In the process of testing NOR, I did a pretty lulzy thing. Remember what I said earlier about the memory controller possibly ignoring the first 4 bits? Well, the NOR device ignores the top 12 bits, since it's only 1 MB in total size. This makes a lot of sense. All the designers have to do is basically not wire up some parts of the address bus. So whether you try to address 0x0 or 0x100000 on the NOR, it looks the same to it.
The problem came about because I attemped to add too many images to NOR; a few 140 KB iBoot images can add up pretty quickly. The last one I added ended up shooting into the range reserved for NVRAM (at the end of NOR) and then "wrapping around" to clobber SysCfg, IMG2, and part of the LLB. =P
Hahaha, that's the equivalent of shooting yourself simultaneously in every vital organ. SysCfg stores your SERIAL NUMBER and other unique, irreplaceable pieces of information. The NVRAM contains information iBoot needs to boot up the kernel. The LLB is the thing that securebl tries to load in order to access everything else on NOR and bootstrap iBoot. As the coup de grace, IMG2 contains information that allows the LLB and iBoot to find where the Img2 data starts, so that they can be loaded. This mistake basically was the equivalent of erasing the entire NOR: Every single piece of information on it was rendered unusable. :P
Luckily, as the first test of my NOR driver, I had made a dump of my original NOR, so I was able to restore the SysCfg information. The interesting bit about all this is that you don't even have to do a restore and lose all your data on the NAND even, if you're clever. What I did was let iTunes talk to DFU mode to get into an iBoot. The iPhone actually has a pretty standard DFU mode, as defined by the USB standard. It reports itself as having the correct class, and OpenMoko's dfu-util manages to get, well, something with it. It successfully uploads the iBSS 8900 file (looking at a USB dump, it looks like just the entire file with the 8900 header, signatures, certificates, etc.) but reports that the firmware is corrupted. So at least it seems to use standard status indicators, etc. However, since I couldn't get dfu-util to work, I just used iTunes and pulled the cable out right after it finishes uploading the iBSS. DFU mode doesn't actually change the NOR, it just loads iBSS into memory and executes it. So after this process is done, iBSS will be loaded and you can connect to it via iBooter.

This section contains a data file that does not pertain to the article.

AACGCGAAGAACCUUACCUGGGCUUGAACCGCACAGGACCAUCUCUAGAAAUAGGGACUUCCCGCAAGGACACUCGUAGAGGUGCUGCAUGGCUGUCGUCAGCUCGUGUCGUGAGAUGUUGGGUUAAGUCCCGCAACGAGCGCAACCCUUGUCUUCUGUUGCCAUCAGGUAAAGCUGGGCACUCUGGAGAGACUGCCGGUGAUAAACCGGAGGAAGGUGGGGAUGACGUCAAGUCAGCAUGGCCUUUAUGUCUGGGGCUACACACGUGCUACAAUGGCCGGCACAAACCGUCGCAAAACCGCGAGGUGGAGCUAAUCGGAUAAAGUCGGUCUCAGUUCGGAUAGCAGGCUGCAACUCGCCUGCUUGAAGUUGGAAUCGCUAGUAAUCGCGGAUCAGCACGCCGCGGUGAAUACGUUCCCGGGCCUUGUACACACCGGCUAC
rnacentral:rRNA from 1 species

If you had pulled out the cable just a little too late, you can even see the commands iTunes executed on iBSS in the scrollback, Like setpicture and bgcolor. =P
Using the loaded 1.1.4 iBSS, you can bootstrap the necessary actions to restore your NVRAM from backup. I will talk about that in more detail in a future post. But the upshot is, even if you complete kill your "bootloader", and indeed, everything you can possible write to on the iPhone, you can still get things back to normal. :)
Unfortunately, I probably won't have a chance to work on iPhoneLinux stuff much this weekend. I have already been activated by the Dev Team because you-know-what is happening. Time to hax.